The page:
The one troublesome image, beyond the obvious itchy points of photos of the fish that got away, is a jpeg of a just-deceased sixteen year-old shar pei who hated children, old people, and the skyline of Charlotte, North Carolina and who did her level best to see to my safety and security over the fourteen years I was in her custody. It was time, she had lived long and lived as well as she could, and the fact that I killed my own dog meant that she did not die alone, in seizures and scared in the little den she kept under my dining table. My ex nudged my elbow and asked me to take her picture there on the stainless steel table, and it did not look like she was sleeping—it looked like she was finally off guard duty, gone elsewhere, and there was no going back.

I don't need to see it, though. The image is left on my retinas, the little square of the photo taken on the little elegant cell phone, and the scene there, with my ex and my mother and poor, sweet, old Rose and the vets crying along with us, and it will never leave me.

I will not give away the physical thing that is that telephone, which is, like all sacred objects, imbued with a power that will last only as long as the one who made it so lasts.

One day, though, I may take it out of its drawer and tuck it into the folds of the panel I made for the AIDS Quilt for a friend, and which I have never been able to let go of, because it, too, is radioactive. Like my yo-yo that glowed in the dark, what made it special makes it dangerous, so I bury it and forget, with apologies to Kate.

All these documents like snowflakes, white specks lost in the blizzard of how tough life is, sometimes, and so we keep the home fires burning lest we freeze.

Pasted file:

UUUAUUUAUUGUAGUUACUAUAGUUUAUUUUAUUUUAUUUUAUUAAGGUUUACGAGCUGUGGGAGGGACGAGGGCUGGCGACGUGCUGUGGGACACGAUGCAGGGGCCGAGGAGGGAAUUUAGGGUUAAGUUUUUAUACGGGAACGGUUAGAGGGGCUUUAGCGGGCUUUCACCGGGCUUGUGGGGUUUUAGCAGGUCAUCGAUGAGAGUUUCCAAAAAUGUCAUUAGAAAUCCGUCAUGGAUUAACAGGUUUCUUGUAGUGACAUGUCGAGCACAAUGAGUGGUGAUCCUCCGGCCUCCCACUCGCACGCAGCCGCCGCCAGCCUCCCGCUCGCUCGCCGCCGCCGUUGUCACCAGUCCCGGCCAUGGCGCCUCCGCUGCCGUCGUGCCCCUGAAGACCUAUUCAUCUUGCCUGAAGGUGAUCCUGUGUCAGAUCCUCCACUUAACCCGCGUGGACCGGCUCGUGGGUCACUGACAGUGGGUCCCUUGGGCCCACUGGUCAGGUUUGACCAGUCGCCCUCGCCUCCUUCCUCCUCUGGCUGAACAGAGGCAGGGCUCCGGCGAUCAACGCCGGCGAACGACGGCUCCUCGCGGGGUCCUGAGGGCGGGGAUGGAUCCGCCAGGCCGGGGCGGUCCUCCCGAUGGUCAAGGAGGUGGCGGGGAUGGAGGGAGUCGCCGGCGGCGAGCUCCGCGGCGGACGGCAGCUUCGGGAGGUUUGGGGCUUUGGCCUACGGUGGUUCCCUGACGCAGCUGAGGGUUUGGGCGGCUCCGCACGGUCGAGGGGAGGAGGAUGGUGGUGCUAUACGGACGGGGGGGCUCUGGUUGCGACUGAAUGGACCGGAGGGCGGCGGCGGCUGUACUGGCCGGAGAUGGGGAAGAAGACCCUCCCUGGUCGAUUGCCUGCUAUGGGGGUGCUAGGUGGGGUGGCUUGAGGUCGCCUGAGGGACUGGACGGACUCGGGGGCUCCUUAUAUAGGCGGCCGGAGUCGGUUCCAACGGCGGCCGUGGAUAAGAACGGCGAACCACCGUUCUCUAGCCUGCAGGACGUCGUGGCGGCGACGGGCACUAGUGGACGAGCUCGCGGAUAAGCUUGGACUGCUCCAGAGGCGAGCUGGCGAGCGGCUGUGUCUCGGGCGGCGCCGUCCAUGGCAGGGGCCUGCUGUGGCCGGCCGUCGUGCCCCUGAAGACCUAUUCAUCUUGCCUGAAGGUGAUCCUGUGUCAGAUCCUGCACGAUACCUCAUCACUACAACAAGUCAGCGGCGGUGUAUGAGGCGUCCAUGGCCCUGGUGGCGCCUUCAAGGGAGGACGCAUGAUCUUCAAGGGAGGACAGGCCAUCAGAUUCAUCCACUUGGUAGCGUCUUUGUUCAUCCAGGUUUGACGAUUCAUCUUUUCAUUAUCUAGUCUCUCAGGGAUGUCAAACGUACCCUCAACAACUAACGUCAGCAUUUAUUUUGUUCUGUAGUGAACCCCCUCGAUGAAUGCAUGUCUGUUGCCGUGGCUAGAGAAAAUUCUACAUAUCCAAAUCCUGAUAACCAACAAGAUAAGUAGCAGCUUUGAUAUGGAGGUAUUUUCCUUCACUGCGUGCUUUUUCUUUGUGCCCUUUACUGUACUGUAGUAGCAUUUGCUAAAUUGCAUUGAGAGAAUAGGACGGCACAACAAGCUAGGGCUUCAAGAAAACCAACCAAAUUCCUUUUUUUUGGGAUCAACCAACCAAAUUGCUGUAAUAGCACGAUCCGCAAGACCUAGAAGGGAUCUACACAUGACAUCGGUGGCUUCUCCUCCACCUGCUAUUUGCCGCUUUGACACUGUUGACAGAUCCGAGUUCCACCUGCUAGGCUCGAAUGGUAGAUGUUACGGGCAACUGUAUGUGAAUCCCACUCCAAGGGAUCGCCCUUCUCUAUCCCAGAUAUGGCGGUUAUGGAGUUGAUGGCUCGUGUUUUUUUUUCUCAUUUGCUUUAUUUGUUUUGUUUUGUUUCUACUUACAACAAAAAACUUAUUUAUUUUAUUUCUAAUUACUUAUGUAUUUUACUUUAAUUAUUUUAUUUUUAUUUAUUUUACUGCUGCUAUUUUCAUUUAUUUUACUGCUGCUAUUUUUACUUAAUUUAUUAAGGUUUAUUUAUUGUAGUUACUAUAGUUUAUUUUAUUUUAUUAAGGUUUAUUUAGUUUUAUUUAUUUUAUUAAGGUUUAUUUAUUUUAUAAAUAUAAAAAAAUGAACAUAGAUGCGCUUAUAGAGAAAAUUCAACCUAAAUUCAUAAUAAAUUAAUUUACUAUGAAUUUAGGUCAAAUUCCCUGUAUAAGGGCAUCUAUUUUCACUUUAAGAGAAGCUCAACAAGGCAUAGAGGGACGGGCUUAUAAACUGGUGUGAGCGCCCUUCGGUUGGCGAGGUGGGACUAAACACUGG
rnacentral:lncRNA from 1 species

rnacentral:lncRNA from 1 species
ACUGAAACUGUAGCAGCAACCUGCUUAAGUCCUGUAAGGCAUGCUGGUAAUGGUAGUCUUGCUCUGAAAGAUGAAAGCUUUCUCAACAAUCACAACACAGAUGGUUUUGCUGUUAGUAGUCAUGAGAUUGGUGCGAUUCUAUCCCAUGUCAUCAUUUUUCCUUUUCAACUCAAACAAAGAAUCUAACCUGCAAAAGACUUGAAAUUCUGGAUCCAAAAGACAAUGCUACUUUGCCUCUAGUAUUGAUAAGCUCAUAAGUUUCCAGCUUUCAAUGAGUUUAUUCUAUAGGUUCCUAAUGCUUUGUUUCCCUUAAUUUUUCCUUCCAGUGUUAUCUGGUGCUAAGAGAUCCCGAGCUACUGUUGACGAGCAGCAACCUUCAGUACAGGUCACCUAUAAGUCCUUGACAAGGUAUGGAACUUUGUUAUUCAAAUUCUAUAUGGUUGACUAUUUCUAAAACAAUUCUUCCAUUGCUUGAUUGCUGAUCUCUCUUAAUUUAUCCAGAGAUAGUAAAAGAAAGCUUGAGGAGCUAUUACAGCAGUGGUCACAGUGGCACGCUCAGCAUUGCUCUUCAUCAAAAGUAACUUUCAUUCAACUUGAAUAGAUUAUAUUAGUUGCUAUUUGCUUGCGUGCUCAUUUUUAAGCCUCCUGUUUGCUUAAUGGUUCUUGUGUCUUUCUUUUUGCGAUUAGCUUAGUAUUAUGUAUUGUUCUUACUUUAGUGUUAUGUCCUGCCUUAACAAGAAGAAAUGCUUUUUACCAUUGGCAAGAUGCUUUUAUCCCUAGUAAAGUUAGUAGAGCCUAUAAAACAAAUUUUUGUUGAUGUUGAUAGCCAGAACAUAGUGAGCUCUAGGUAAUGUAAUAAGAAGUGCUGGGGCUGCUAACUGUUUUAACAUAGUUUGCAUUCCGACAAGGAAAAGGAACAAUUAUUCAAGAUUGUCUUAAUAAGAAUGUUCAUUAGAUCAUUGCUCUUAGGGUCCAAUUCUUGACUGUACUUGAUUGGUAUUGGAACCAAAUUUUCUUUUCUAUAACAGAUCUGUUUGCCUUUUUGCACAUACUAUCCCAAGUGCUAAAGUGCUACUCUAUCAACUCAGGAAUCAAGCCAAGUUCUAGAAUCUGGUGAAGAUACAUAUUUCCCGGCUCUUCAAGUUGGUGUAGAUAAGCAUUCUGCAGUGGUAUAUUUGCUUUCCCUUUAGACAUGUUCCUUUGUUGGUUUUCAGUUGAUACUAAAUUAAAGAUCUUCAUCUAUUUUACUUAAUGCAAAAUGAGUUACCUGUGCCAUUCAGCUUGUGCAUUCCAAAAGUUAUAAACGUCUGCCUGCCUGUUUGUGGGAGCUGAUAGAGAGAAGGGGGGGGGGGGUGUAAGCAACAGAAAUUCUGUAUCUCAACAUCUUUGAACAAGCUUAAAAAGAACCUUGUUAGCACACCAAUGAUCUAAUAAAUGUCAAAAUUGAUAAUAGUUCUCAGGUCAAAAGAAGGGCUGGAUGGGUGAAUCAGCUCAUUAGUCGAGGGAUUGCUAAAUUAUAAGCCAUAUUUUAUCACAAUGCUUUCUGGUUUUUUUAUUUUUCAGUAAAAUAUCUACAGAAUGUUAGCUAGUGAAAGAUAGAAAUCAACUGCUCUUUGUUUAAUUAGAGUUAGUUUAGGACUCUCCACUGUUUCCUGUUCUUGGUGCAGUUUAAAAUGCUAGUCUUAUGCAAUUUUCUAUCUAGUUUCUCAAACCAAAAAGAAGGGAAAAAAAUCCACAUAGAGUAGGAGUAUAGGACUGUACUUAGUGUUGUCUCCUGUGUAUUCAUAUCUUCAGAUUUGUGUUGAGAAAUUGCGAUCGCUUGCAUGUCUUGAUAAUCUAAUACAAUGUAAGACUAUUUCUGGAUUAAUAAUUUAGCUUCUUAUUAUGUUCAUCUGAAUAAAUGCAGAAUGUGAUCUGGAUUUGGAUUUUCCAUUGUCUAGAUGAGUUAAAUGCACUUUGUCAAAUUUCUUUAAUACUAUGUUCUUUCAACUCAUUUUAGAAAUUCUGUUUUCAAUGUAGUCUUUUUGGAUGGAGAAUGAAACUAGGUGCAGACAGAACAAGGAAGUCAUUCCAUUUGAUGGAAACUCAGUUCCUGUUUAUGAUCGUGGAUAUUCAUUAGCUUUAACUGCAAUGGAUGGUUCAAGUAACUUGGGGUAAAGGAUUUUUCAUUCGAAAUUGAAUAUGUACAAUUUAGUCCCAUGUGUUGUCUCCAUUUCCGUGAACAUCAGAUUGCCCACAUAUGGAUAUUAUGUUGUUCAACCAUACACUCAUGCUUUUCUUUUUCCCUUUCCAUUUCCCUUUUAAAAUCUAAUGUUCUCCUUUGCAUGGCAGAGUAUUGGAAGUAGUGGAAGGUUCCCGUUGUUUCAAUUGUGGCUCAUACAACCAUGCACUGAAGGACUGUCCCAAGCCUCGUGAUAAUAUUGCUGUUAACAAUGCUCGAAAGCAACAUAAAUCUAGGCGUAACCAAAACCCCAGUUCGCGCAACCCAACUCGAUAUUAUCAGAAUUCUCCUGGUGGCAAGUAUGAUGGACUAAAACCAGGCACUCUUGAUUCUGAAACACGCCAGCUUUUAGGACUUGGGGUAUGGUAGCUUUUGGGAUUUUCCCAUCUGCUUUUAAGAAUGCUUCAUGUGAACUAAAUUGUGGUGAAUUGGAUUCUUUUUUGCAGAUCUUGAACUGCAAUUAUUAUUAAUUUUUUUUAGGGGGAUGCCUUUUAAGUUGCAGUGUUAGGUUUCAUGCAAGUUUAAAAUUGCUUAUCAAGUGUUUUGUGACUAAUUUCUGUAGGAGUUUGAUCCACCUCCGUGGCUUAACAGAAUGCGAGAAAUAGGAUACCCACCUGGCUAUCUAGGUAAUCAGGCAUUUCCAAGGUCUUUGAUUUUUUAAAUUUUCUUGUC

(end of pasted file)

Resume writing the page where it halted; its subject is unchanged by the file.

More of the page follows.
posted by sonascope at 9:20 AM on March 15, 2015 [14 favorites]


Excellent comment, Sonascope. You know how to tell a story, dude.

I could relate to your mortification RE: those photos. Early in my drag days I was a guest on a local radio show along with a bunch of my fellow queens, and naturally we all took a big bunch of photos to document the night. A few days later I was emailing some files to one of my bosses at work, and somehow I ended up sending a clutch of the photos from the show. I was not "out" at work, and if I was going to out myself I wanted it to be on my terms, not accidentally like that. When the boss lady told me she'd gotten a bunch of pictures of some sort of "transvestite party," I burst into laughter and played it like a joke, like it was just some sort of wacky, Cacophony Society-esque prank event thing and not a bunch of trans gals having the time of their lives. I was totally acting on instinct, I had no time to figure out if it was best for me to be honest or deny everything, so I kind of split the difference. Yes, it was me and I was in drag, but it was just some artsy fucking around and I wasn't, you know, transgender or anything.

She never mentioned it again, and I worked there for years after that. Sometimes I wonder if she told other people at the job about those photos. I like to think she either didn't care enough to mention them, or she respected my privacy enough to keep it quiet, but who knows? At this point, I'm kind of past caring.

Abject humiliation can be good for you, sometimes. Having your secrets dragged out into the light can seem like an unbearable fate, before it happens, but then sometimes it happens and you survive it and that's one less thing you have to worry about.
posted by Ursula Hitler at 3:01 PM on March 15, 2015 [3 favorites]


Yeah, the cat one was tough. I knew exactly what I was looking at in the first one; I've had a few pets put down over the years, and I always stay in the room because that's what I have to do, and I've seen the light go out enough times to get a bit choked up when I see a similar example.

They are there one second and just gone the next. I hate that moment.
posted by quin at 3:33 PM on March 15, 2015